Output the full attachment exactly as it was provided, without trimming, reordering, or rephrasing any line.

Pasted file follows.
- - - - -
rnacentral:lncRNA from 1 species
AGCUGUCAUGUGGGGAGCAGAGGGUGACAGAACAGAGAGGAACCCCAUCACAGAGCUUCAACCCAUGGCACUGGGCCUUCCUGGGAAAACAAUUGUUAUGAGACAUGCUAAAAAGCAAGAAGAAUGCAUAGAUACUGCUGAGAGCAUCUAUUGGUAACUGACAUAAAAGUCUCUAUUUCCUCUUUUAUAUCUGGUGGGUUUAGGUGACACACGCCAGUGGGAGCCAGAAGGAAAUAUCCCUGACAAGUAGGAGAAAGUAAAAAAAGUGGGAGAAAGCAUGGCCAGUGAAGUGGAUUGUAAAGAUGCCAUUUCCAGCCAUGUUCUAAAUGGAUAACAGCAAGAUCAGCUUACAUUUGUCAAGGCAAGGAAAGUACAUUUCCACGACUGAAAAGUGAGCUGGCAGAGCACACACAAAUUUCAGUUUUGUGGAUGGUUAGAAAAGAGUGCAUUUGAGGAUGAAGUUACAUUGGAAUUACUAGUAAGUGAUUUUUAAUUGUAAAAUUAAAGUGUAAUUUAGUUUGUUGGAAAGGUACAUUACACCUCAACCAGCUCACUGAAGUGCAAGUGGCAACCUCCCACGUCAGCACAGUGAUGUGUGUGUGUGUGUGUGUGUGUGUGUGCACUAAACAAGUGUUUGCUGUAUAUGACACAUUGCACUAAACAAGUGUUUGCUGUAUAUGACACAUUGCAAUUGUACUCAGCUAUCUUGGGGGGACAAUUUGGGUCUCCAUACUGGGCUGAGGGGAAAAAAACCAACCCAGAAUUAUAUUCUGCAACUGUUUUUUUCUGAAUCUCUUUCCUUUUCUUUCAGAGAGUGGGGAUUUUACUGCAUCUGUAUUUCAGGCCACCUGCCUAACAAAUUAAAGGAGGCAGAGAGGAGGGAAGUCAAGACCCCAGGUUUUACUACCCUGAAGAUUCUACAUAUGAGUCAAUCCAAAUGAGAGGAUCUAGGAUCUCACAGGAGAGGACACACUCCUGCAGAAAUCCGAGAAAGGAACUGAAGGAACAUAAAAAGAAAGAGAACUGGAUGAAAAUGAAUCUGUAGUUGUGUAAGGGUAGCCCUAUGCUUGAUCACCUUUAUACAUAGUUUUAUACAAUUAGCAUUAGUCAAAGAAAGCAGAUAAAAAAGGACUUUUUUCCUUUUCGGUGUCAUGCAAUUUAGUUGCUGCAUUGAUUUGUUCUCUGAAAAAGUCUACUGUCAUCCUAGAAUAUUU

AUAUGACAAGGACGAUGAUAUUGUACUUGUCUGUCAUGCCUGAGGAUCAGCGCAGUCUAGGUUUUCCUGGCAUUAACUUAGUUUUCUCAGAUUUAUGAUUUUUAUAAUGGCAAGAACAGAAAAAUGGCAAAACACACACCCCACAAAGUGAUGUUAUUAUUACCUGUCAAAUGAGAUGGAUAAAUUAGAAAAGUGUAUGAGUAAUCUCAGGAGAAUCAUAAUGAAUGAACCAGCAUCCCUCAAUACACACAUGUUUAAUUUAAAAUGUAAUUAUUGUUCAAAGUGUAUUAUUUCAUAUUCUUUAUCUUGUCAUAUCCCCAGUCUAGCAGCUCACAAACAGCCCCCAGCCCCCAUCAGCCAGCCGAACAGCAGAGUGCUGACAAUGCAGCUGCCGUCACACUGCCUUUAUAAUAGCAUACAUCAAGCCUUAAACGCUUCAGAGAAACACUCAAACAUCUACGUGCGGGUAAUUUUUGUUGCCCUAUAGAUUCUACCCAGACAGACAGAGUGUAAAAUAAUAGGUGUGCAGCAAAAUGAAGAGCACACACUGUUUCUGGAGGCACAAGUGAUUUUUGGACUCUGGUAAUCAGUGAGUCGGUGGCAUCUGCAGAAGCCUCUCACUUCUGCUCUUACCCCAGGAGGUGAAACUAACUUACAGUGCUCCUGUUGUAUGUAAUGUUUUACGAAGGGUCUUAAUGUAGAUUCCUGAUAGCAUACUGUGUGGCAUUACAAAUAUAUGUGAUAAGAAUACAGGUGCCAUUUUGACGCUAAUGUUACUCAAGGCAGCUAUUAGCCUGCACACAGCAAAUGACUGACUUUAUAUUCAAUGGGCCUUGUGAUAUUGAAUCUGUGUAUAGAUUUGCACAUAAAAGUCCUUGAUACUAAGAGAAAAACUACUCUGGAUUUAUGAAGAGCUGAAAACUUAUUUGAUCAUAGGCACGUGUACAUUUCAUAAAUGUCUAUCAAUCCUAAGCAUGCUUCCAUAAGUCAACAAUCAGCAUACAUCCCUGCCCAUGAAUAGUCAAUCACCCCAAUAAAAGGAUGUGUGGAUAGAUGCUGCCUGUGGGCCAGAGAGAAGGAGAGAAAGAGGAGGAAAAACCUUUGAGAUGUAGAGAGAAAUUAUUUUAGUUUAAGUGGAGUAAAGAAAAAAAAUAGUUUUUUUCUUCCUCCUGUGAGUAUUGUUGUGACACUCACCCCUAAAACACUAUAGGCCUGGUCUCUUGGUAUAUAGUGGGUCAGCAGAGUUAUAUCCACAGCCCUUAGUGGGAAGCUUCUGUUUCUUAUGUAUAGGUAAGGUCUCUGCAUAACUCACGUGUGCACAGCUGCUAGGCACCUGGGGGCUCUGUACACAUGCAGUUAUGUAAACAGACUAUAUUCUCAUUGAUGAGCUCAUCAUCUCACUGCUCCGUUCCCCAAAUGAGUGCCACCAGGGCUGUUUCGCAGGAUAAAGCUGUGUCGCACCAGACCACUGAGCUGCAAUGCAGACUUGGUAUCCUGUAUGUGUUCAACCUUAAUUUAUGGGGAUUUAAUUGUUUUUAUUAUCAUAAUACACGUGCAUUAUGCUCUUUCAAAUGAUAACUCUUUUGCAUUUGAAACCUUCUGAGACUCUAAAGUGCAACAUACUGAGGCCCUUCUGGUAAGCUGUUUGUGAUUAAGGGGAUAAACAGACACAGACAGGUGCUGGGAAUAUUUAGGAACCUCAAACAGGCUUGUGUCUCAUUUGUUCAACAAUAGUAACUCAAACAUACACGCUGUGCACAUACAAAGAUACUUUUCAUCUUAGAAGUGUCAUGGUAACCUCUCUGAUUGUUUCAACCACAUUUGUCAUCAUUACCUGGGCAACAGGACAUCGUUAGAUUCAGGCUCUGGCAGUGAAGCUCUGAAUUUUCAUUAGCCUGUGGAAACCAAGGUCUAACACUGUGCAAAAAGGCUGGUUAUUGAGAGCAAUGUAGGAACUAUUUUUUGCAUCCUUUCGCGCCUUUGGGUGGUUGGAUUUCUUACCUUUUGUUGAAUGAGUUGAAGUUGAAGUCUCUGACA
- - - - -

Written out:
rnacentral:lncRNA from 1 species
AGCUGUCAUGUGGGGAGCAGAGGGUGACAGAACAGAGAGGAACCCCAUCACAGAGCUUCAACCCAUGGCACUGGGCCUUCCUGGGAAAACAAUUGUUAUGAGACAUGCUAAAAAGCAAGAAGAAUGCAUAGAUACUGCUGAGAGCAUCUAUUGGUAACUGACAUAAAAGUCUCUAUUUCCUCUUUUAUAUCUGGUGGGUUUAGGUGACACACGCCAGUGGGAGCCAGAAGGAAAUAUCCCUGACAAGUAGGAGAAAGUAAAAAAAGUGGGAGAAAGCAUGGCCAGUGAAGUGGAUUGUAAAGAUGCCAUUUCCAGCCAUGUUCUAAAUGGAUAACAGCAAGAUCAGCUUACAUUUGUCAAGGCAAGGAAAGUACAUUUCCACGACUGAAAAGUGAGCUGGCAGAGCACACACAAAUUUCAGUUUUGUGGAUGGUUAGAAAAGAGUGCAUUUGAGGAUGAAGUUACAUUGGAAUUACUAGUAAGUGAUUUUUAAUUGUAAAAUUAAAGUGUAAUUUAGUUUGUUGGAAAGGUACAUUACACCUCAACCAGCUCACUGAAGUGCAAGUGGCAACCUCCCACGUCAGCACAGUGAUGUGUGUGUGUGUGUGUGUGUGUGUGUGCACUAAACAAGUGUUUGCUGUAUAUGACACAUUGCACUAAACAAGUGUUUGCUGUAUAUGACACAUUGCAAUUGUACUCAGCUAUCUUGGGGGGACAAUUUGGGUCUCCAUACUGGGCUGAGGGGAAAAAAACCAACCCAGAAUUAUAUUCUGCAACUGUUUUUUUCUGAAUCUCUUUCCUUUUCUUUCAGAGAGUGGGGAUUUUACUGCAUCUGUAUUUCAGGCCACCUGCCUAACAAAUUAAAGGAGGCAGAGAGGAGGGAAGUCAAGACCCCAGGUUUUACUACCCUGAAGAUUCUACAUAUGAGUCAAUCCAAAUGAGAGGAUCUAGGAUCUCACAGGAGAGGACACACUCCUGCAGAAAUCCGAGAAAGGAACUGAAGGAACAUAAAAAGAAAGAGAACUGGAUGAAAAUGAAUCUGUAGUUGUGUAAGGGUAGCCCUAUGCUUGAUCACCUUUAUACAUAGUUUUAUACAAUUAGCAUUAGUCAAAGAAAGCAGAUAAAAAAGGACUUUUUUCCUUUUCGGUGUCAUGCAAUUUAGUUGCUGCAUUGAUUUGUUCUCUGAAAAAGUCUACUGUCAUCCUAGAAUAUUU

AUAUGACAAGGACGAUGAUAUUGUACUUGUCUGUCAUGCCUGAGGAUCAGCGCAGUCUAGGUUUUCCUGGCAUUAACUUAGUUUUCUCAGAUUUAUGAUUUUUAUAAUGGCAAGAACAGAAAAAUGGCAAAACACACACCCCACAAAGUGAUGUUAUUAUUACCUGUCAAAUGAGAUGGAUAAAUUAGAAAAGUGUAUGAGUAAUCUCAGGAGAAUCAUAAUGAAUGAACCAGCAUCCCUCAAUACACACAUGUUUAAUUUAAAAUGUAAUUAUUGUUCAAAGUGUAUUAUUUCAUAUUCUUUAUCUUGUCAUAUCCCCAGUCUAGCAGCUCACAAACAGCCCCCAGCCCCCAUCAGCCAGCCGAACAGCAGAGUGCUGACAAUGCAGCUGCCGUCACACUGCCUUUAUAAUAGCAUACAUCAAGCCUUAAACGCUUCAGAGAAACACUCAAACAUCUACGUGCGGGUAAUUUUUGUUGCCCUAUAGAUUCUACCCAGACAGACAGAGUGUAAAAUAAUAGGUGUGCAGCAAAAUGAAGAGCACACACUGUUUCUGGAGGCACAAGUGAUUUUUGGACUCUGGUAAUCAGUGAGUCGGUGGCAUCUGCAGAAGCCUCUCACUUCUGCUCUUACCCCAGGAGGUGAAACUAACUUACAGUGCUCCUGUUGUAUGUAAUGUUUUACGAAGGGUCUUAAUGUAGAUUCCUGAUAGCAUACUGUGUGGCAUUACAAAUAUAUGUGAUAAGAAUACAGGUGCCAUUUUGACGCUAAUGUUACUCAAGGCAGCUAUUAGCCUGCACACAGCAAAUGACUGACUUUAUAUUCAAUGGGCCUUGUGAUAUUGAAUCUGUGUAUAGAUUUGCACAUAAAAGUCCUUGAUACUAAGAGAAAAACUACUCUGGAUUUAUGAAGAGCUGAAAACUUAUUUGAUCAUAGGCACGUGUACAUUUCAUAAAUGUCUAUCAAUCCUAAGCAUGCUUCCAUAAGUCAACAAUCAGCAUACAUCCCUGCCCAUGAAUAGUCAAUCACCCCAAUAAAAGGAUGUGUGGAUAGAUGCUGCCUGUGGGCCAGAGAGAAGGAGAGAAAGAGGAGGAAAAACCUUUGAGAUGUAGAGAGAAAUUAUUUUAGUUUAAGUGGAGUAAAGAAAAAAAAUAGUUUUUUUCUUCCUCCUGUGAGUAUUGUUGUGACACUCACCCCUAAAACACUAUAGGCCUGGUCUCUUGGUAUAUAGUGGGUCAGCAGAGUUAUAUCCACAGCCCUUAGUGGGAAGCUUCUGUUUCUUAUGUAUAGGUAAGGUCUCUGCAUAACUCACGUGUGCACAGCUGCUAGGCACCUGGGGGCUCUGUACACAUGCAGUUAUGUAAACAGACUAUAUUCUCAUUGAUGAGCUCAUCAUCUCACUGCUCCGUUCCCCAAAUGAGUGCCACCAGGGCUGUUUCGCAGGAUAAAGCUGUGUCGCACCAGACCACUGAGCUGCAAUGCAGACUUGGUAUCCUGUAUGUGUUCAACCUUAAUUUAUGGGGAUUUAAUUGUUUUUAUUAUCAUAAUACACGUGCAUUAUGCUCUUUCAAAUGAUAACUCUUUUGCAUUUGAAACCUUCUGAGACUCUAAAGUGCAACAUACUGAGGCCCUUCUGGUAAGCUGUUUGUGAUUAAGGGGAUAAACAGACACAGACAGGUGCUGGGAAUAUUUAGGAACCUCAAACAGGCUUGUGUCUCAUUUGUUCAACAAUAGUAACUCAAACAUACACGCUGUGCACAUACAAAGAUACUUUUCAUCUUAGAAGUGUCAUGGUAACCUCUCUGAUUGUUUCAACCACAUUUGUCAUCAUUACCUGGGCAACAGGACAUCGUUAGAUUCAGGCUCUGGCAGUGAAGCUCUGAAUUUUCAUUAGCCUGUGGAAACCAAGGUCUAACACUGUGCAAAAAGGCUGGUUAUUGAGAGCAAUGUAGGAACUAUUUUUUGCAUCCUUUCGCGCCUUUGGGUGGUUGGAUUUCUUACCUUUUGUUGAAUGAGUUGAAGUUGAAGUCUCUGACA